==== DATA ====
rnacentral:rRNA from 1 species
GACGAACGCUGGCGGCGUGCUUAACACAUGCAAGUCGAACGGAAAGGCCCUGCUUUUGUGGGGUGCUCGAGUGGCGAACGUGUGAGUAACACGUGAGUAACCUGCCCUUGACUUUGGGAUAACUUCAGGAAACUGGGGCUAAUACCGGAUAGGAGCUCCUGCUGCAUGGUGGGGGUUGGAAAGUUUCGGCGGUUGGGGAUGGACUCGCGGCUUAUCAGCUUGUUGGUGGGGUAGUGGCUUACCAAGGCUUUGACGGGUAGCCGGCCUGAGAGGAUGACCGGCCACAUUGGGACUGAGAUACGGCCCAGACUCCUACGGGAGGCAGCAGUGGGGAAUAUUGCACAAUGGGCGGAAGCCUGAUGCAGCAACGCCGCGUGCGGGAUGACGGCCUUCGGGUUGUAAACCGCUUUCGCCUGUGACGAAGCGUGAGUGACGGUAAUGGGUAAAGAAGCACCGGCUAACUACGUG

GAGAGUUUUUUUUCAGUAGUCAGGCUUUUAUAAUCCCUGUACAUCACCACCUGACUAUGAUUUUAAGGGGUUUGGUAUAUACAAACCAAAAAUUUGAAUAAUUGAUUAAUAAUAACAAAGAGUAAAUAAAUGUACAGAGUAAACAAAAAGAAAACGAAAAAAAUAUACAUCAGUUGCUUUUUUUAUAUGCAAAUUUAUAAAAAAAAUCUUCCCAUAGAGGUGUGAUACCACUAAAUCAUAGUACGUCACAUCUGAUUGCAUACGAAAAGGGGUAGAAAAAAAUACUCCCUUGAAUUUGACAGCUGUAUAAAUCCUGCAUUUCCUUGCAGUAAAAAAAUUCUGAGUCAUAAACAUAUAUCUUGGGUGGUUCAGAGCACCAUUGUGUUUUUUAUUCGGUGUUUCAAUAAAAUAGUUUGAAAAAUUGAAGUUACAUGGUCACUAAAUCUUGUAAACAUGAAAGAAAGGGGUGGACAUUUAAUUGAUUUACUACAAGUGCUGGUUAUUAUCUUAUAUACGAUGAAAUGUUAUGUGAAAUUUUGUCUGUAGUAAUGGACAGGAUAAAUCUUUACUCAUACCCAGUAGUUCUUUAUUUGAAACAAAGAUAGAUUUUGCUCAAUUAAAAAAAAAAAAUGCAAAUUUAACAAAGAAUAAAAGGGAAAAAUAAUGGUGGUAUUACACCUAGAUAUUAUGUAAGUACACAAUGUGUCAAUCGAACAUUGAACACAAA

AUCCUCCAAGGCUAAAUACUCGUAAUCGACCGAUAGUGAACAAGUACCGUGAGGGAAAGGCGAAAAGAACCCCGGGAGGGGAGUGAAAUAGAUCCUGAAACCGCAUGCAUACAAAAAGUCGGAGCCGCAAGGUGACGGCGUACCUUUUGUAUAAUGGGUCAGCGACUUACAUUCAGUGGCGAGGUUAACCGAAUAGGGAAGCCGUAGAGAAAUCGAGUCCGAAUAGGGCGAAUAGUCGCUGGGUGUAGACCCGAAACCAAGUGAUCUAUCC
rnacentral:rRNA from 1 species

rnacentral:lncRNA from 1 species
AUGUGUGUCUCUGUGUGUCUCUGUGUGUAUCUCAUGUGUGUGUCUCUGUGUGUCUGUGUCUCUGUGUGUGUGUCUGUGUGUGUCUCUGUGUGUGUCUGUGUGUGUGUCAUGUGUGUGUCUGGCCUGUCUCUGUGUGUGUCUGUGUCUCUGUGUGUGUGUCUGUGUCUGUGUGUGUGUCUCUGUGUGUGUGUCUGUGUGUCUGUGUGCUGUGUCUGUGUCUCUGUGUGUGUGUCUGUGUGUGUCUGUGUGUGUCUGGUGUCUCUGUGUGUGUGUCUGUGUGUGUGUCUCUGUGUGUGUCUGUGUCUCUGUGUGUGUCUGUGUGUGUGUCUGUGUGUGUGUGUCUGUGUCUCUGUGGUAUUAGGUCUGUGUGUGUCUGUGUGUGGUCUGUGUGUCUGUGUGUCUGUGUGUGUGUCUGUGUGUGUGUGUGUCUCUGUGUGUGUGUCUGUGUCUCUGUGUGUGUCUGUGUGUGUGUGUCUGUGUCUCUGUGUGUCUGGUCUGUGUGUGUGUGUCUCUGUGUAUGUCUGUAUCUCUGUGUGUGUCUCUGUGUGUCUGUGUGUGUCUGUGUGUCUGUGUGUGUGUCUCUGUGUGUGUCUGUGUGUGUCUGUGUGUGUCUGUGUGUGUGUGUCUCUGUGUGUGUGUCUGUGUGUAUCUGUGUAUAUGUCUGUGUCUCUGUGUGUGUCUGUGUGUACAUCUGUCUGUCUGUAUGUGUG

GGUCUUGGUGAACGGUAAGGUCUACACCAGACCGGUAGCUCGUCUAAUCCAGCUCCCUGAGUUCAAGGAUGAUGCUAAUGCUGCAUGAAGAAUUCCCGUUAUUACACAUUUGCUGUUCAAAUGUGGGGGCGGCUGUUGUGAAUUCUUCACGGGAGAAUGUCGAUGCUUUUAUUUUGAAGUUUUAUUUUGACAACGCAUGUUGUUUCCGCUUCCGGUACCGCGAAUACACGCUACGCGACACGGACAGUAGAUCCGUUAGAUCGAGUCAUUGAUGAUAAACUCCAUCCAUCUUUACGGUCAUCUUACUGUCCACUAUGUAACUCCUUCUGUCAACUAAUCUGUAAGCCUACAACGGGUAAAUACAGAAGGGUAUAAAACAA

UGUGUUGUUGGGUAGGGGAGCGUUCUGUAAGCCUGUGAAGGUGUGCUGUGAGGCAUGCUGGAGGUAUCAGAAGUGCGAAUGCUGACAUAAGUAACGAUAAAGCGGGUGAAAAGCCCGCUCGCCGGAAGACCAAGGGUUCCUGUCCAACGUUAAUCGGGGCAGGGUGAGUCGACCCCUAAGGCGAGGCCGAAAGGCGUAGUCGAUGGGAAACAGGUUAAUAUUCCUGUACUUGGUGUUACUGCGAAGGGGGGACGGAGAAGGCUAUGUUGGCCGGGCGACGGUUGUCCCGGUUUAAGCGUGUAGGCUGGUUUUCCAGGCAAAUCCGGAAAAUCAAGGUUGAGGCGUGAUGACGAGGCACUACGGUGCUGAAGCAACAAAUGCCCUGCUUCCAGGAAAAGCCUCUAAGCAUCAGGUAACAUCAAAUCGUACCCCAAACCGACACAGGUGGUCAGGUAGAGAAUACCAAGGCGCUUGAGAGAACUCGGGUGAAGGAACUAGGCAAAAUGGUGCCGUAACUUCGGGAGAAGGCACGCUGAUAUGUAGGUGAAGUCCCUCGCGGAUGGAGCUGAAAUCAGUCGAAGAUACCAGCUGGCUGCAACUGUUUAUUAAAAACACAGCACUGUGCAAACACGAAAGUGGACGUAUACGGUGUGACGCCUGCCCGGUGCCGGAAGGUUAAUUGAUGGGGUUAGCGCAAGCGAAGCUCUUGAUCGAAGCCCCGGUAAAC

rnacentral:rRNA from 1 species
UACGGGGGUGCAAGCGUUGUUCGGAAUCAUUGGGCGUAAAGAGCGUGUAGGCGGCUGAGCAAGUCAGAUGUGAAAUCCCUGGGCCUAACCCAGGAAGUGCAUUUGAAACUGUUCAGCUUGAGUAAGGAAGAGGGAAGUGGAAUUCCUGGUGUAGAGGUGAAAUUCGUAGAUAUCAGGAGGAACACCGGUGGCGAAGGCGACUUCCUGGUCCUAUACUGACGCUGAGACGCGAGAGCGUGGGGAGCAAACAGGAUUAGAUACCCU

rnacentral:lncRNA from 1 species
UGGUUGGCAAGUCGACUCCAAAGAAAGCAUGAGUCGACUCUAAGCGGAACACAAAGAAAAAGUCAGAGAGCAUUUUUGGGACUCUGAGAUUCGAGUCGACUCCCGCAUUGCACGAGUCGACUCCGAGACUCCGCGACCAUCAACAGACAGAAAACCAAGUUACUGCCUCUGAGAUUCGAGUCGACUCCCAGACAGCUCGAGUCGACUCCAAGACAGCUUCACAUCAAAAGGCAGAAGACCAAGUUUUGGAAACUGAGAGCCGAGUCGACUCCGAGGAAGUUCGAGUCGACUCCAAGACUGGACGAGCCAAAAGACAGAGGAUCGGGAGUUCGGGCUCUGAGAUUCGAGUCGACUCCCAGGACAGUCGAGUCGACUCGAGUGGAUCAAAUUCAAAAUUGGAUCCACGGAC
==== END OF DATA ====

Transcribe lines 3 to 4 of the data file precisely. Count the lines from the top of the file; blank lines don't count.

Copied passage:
GAGAGUUUUUUUUCAGUAGUCAGGCUUUUAUAAUCCCUGUACAUCACCACCUGACUAUGAUUUUAAGGGGUUUGGUAUAUACAAACCAAAAAUUUGAAUAAUUGAUUAAUAAUAACAAAGAGUAAAUAAAUGUACAGAGUAAACAAAAAGAAAACGAAAAAAAUAUACAUCAGUUGCUUUUUUUAUAUGCAAAUUUAUAAAAAAAAUCUUCCCAUAGAGGUGUGAUACCACUAAAUCAUAGUACGUCACAUCUGAUUGCAUACGAAAAGGGGUAGAAAAAAAUACUCCCUUGAAUUUGACAGCUGUAUAAAUCCUGCAUUUCCUUGCAGUAAAAAAAUUCUGAGUCAUAAACAUAUAUCUUGGGUGGUUCAGAGCACCAUUGUGUUUUUUAUUCGGUGUUUCAAUAAAAUAGUUUGAAAAAUUGAAGUUACAUGGUCACUAAAUCUUGUAAACAUGAAAGAAAGGGGUGGACAUUUAAUUGAUUUACUACAAGUGCUGGUUAUUAUCUUAUAUACGAUGAAAUGUUAUGUGAAAUUUUGUCUGUAGUAAUGGACAGGAUAAAUCUUUACUCAUACCCAGUAGUUCUUUAUUUGAAACAAAGAUAGAUUUUGCUCAAUUAAAAAAAAAAAAUGCAAAUUUAACAAAGAAUAAAAGGGAAAAAUAAUGGUGGUAUUACACCUAGAUAUUAUGUAAGUACACAAUGUGUCAAUCGAACAUUGAACACAAA

AUCCUCCAAGGCUAAAUACUCGUAAUCGACCGAUAGUGAACAAGUACCGUGAGGGAAAGGCGAAAAGAACCCCGGGAGGGGAGUGAAAUAGAUCCUGAAACCGCAUGCAUACAAAAAGUCGGAGCCGCAAGGUGACGGCGUACCUUUUGUAUAAUGGGUCAGCGACUUACAUUCAGUGGCGAGGUUAACCGAAUAGGGAAGCCGUAGAGAAAUCGAGUCCGAAUAGGGCGAAUAGUCGCUGGGUGUAGACCCGAAACCAAGUGAUCUAUCC